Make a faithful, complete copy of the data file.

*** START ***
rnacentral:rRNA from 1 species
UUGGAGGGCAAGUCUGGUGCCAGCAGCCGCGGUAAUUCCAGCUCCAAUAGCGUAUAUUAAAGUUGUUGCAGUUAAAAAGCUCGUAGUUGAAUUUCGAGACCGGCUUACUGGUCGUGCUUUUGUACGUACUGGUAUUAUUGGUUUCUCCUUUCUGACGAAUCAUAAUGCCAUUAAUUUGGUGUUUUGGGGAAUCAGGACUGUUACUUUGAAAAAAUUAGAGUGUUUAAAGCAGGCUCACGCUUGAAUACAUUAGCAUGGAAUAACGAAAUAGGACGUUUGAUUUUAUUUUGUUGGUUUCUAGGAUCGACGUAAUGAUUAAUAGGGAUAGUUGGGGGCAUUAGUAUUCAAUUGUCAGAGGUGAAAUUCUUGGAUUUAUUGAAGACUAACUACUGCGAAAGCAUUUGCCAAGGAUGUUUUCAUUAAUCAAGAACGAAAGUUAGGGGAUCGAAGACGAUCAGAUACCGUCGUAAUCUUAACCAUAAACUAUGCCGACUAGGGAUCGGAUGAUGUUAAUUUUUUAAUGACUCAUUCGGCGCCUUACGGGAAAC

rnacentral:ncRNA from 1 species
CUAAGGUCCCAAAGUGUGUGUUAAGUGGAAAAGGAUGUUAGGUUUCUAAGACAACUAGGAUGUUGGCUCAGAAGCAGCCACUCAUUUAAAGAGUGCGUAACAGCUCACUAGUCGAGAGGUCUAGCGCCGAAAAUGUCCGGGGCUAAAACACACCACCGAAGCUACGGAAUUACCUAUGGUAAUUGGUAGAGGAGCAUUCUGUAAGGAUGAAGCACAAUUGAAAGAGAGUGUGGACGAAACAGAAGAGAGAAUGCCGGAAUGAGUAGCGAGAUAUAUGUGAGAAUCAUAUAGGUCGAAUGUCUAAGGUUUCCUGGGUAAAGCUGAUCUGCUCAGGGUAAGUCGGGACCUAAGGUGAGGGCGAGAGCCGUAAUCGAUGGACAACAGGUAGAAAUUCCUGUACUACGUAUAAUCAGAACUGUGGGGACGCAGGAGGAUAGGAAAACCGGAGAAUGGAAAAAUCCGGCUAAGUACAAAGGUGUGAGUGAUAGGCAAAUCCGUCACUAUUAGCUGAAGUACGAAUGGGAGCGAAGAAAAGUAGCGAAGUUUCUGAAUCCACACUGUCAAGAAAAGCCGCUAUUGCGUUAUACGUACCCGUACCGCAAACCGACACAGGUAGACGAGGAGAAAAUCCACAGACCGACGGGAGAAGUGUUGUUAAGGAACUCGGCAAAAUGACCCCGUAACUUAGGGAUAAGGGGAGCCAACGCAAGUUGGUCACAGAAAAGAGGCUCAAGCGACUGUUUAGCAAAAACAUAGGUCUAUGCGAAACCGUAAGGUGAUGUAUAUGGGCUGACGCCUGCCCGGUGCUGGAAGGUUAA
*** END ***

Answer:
rnacentral:rRNA from 1 species
UUGGAGGGCAAGUCUGGUGCCAGCAGCCGCGGUAAUUCCAGCUCCAAUAGCGUAUAUUAAAGUUGUUGCAGUUAAAAAGCUCGUAGUUGAAUUUCGAGACCGGCUUACUGGUCGUGCUUUUGUACGUACUGGUAUUAUUGGUUUCUCCUUUCUGACGAAUCAUAAUGCCAUUAAUUUGGUGUUUUGGGGAAUCAGGACUGUUACUUUGAAAAAAUUAGAGUGUUUAAAGCAGGCUCACGCUUGAAUACAUUAGCAUGGAAUAACGAAAUAGGACGUUUGAUUUUAUUUUGUUGGUUUCUAGGAUCGACGUAAUGAUUAAUAGGGAUAGUUGGGGGCAUUAGUAUUCAAUUGUCAGAGGUGAAAUUCUUGGAUUUAUUGAAGACUAACUACUGCGAAAGCAUUUGCCAAGGAUGUUUUCAUUAAUCAAGAACGAAAGUUAGGGGAUCGAAGACGAUCAGAUACCGUCGUAAUCUUAACCAUAAACUAUGCCGACUAGGGAUCGGAUGAUGUUAAUUUUUUAAUGACUCAUUCGGCGCCUUACGGGAAAC

rnacentral:ncRNA from 1 species
CUAAGGUCCCAAAGUGUGUGUUAAGUGGAAAAGGAUGUUAGGUUUCUAAGACAACUAGGAUGUUGGCUCAGAAGCAGCCACUCAUUUAAAGAGUGCGUAACAGCUCACUAGUCGAGAGGUCUAGCGCCGAAAAUGUCCGGGGCUAAAACACACCACCGAAGCUACGGAAUUACCUAUGGUAAUUGGUAGAGGAGCAUUCUGUAAGGAUGAAGCACAAUUGAAAGAGAGUGUGGACGAAACAGAAGAGAGAAUGCCGGAAUGAGUAGCGAGAUAUAUGUGAGAAUCAUAUAGGUCGAAUGUCUAAGGUUUCCUGGGUAAAGCUGAUCUGCUCAGGGUAAGUCGGGACCUAAGGUGAGGGCGAGAGCCGUAAUCGAUGGACAACAGGUAGAAAUUCCUGUACUACGUAUAAUCAGAACUGUGGGGACGCAGGAGGAUAGGAAAACCGGAGAAUGGAAAAAUCCGGCUAAGUACAAAGGUGUGAGUGAUAGGCAAAUCCGUCACUAUUAGCUGAAGUACGAAUGGGAGCGAAGAAAAGUAGCGAAGUUUCUGAAUCCACACUGUCAAGAAAAGCCGCUAUUGCGUUAUACGUACCCGUACCGCAAACCGACACAGGUAGACGAGGAGAAAAUCCACAGACCGACGGGAGAAGUGUUGUUAAGGAACUCGGCAAAAUGACCCCGUAACUUAGGGAUAAGGGGAGCCAACGCAAGUUGGUCACAGAAAAGAGGCUCAAGCGACUGUUUAGCAAAAACAUAGGUCUAUGCGAAACCGUAAGGUGAUGUAUAUGGGCUGACGCCUGCCCGGUGCUGGAAGGUUAA